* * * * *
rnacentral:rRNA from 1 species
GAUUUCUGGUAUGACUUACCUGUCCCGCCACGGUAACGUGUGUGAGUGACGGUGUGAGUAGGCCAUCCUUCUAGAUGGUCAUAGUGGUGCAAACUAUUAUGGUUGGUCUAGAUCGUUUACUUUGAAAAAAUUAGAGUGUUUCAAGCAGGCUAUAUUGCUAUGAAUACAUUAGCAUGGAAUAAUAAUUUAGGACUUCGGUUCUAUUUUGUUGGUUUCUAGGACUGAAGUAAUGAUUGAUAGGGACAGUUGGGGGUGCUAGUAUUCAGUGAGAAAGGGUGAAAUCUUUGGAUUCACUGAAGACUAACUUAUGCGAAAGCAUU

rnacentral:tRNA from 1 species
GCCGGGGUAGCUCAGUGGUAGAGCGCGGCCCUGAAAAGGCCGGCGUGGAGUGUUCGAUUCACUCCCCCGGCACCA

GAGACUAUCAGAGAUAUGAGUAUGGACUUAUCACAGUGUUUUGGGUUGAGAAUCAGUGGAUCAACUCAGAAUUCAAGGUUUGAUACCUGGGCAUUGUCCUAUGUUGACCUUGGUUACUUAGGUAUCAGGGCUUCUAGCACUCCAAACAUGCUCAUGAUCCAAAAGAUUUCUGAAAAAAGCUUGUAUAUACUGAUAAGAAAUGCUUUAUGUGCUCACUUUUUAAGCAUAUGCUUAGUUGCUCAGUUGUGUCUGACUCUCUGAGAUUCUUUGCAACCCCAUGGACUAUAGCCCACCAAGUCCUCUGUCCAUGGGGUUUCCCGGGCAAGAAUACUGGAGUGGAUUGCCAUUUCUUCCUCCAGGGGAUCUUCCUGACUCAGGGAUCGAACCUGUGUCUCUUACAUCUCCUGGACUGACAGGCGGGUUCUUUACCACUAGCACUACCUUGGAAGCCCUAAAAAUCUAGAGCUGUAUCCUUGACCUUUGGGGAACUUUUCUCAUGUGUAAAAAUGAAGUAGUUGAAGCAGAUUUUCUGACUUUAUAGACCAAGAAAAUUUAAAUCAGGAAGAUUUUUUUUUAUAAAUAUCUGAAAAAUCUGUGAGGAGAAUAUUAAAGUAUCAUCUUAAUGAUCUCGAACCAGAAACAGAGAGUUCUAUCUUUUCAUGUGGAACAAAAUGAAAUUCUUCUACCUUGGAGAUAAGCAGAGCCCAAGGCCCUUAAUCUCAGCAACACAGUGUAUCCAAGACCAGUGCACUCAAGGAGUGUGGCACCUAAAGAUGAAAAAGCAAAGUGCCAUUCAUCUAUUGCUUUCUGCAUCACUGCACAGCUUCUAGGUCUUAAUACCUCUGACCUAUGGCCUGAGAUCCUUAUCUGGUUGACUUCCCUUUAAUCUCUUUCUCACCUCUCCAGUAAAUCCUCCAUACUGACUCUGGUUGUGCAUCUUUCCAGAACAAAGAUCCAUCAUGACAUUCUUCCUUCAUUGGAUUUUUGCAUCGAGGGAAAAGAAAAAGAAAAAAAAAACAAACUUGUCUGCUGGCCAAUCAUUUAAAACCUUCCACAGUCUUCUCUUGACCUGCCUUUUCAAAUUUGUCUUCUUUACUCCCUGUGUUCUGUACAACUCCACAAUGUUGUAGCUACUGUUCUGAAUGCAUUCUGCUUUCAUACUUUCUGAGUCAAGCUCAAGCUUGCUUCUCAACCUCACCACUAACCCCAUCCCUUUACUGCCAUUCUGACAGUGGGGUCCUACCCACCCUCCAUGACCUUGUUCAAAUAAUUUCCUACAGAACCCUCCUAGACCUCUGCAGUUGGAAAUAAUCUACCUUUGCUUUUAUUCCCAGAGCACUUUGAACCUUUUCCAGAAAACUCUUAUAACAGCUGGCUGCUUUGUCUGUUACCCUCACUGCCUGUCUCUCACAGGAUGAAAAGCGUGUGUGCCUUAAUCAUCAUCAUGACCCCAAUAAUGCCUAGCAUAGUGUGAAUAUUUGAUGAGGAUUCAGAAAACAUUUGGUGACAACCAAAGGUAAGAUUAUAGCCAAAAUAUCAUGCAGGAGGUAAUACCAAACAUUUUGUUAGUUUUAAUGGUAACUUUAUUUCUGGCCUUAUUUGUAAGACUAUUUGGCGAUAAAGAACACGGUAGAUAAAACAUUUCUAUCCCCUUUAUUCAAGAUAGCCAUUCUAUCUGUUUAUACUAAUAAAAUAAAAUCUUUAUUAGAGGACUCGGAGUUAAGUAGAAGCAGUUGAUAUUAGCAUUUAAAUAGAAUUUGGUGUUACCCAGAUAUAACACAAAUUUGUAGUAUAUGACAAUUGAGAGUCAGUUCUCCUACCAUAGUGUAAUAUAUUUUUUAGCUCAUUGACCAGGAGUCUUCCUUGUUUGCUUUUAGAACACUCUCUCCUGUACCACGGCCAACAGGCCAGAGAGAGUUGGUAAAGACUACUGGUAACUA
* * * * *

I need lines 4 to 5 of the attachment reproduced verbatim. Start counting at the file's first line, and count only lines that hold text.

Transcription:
GCCGGGGUAGCUCAGUGGUAGAGCGCGGCCCUGAAAAGGCCGGCGUGGAGUGUUCGAUUCACUCCCCCGGCACCA

GAGACUAUCAGAGAUAUGAGUAUGGACUUAUCACAGUGUUUUGGGUUGAGAAUCAGUGGAUCAACUCAGAAUUCAAGGUUUGAUACCUGGGCAUUGUCCUAUGUUGACCUUGGUUACUUAGGUAUCAGGGCUUCUAGCACUCCAAACAUGCUCAUGAUCCAAAAGAUUUCUGAAAAAAGCUUGUAUAUACUGAUAAGAAAUGCUUUAUGUGCUCACUUUUUAAGCAUAUGCUUAGUUGCUCAGUUGUGUCUGACUCUCUGAGAUUCUUUGCAACCCCAUGGACUAUAGCCCACCAAGUCCUCUGUCCAUGGGGUUUCCCGGGCAAGAAUACUGGAGUGGAUUGCCAUUUCUUCCUCCAGGGGAUCUUCCUGACUCAGGGAUCGAACCUGUGUCUCUUACAUCUCCUGGACUGACAGGCGGGUUCUUUACCACUAGCACUACCUUGGAAGCCCUAAAAAUCUAGAGCUGUAUCCUUGACCUUUGGGGAACUUUUCUCAUGUGUAAAAAUGAAGUAGUUGAAGCAGAUUUUCUGACUUUAUAGACCAAGAAAAUUUAAAUCAGGAAGAUUUUUUUUUAUAAAUAUCUGAAAAAUCUGUGAGGAGAAUAUUAAAGUAUCAUCUUAAUGAUCUCGAACCAGAAACAGAGAGUUCUAUCUUUUCAUGUGGAACAAAAUGAAAUUCUUCUACCUUGGAGAUAAGCAGAGCCCAAGGCCCUUAAUCUCAGCAACACAGUGUAUCCAAGACCAGUGCACUCAAGGAGUGUGGCACCUAAAGAUGAAAAAGCAAAGUGCCAUUCAUCUAUUGCUUUCUGCAUCACUGCACAGCUUCUAGGUCUUAAUACCUCUGACCUAUGGCCUGAGAUCCUUAUCUGGUUGACUUCCCUUUAAUCUCUUUCUCACCUCUCCAGUAAAUCCUCCAUACUGACUCUGGUUGUGCAUCUUUCCAGAACAAAGAUCCAUCAUGACAUUCUUCCUUCAUUGGAUUUUUGCAUCGAGGGAAAAGAAAAAGAAAAAAAAAACAAACUUGUCUGCUGGCCAAUCAUUUAAAACCUUCCACAGUCUUCUCUUGACCUGCCUUUUCAAAUUUGUCUUCUUUACUCCCUGUGUUCUGUACAACUCCACAAUGUUGUAGCUACUGUUCUGAAUGCAUUCUGCUUUCAUACUUUCUGAGUCAAGCUCAAGCUUGCUUCUCAACCUCACCACUAACCCCAUCCCUUUACUGCCAUUCUGACAGUGGGGUCCUACCCACCCUCCAUGACCUUGUUCAAAUAAUUUCCUACAGAACCCUCCUAGACCUCUGCAGUUGGAAAUAAUCUACCUUUGCUUUUAUUCCCAGAGCACUUUGAACCUUUUCCAGAAAACUCUUAUAACAGCUGGCUGCUUUGUCUGUUACCCUCACUGCCUGUCUCUCACAGGAUGAAAAGCGUGUGUGCCUUAAUCAUCAUCAUGACCCCAAUAAUGCCUAGCAUAGUGUGAAUAUUUGAUGAGGAUUCAGAAAACAUUUGGUGACAACCAAAGGUAAGAUUAUAGCCAAAAUAUCAUGCAGGAGGUAAUACCAAACAUUUUGUUAGUUUUAAUGGUAACUUUAUUUCUGGCCUUAUUUGUAAGACUAUUUGGCGAUAAAGAACACGGUAGAUAAAACAUUUCUAUCCCCUUUAUUCAAGAUAGCCAUUCUAUCUGUUUAUACUAAUAAAAUAAAAUCUUUAUUAGAGGACUCGGAGUUAAGUAGAAGCAGUUGAUAUUAGCAUUUAAAUAGAAUUUGGUGUUACCCAGAUAUAACACAAAUUUGUAGUAUAUGACAAUUGAGAGUCAGUUCUCCUACCAUAGUGUAAUAUAUUUUUUAGCUCAUUGACCAGGAGUCUUCCUUGUUUGCUUUUAGAACACUCUCUCCUGUACCACGGCCAACAGGCCAGAGAGAGUUGGUAAAGACUACUGGUAACUA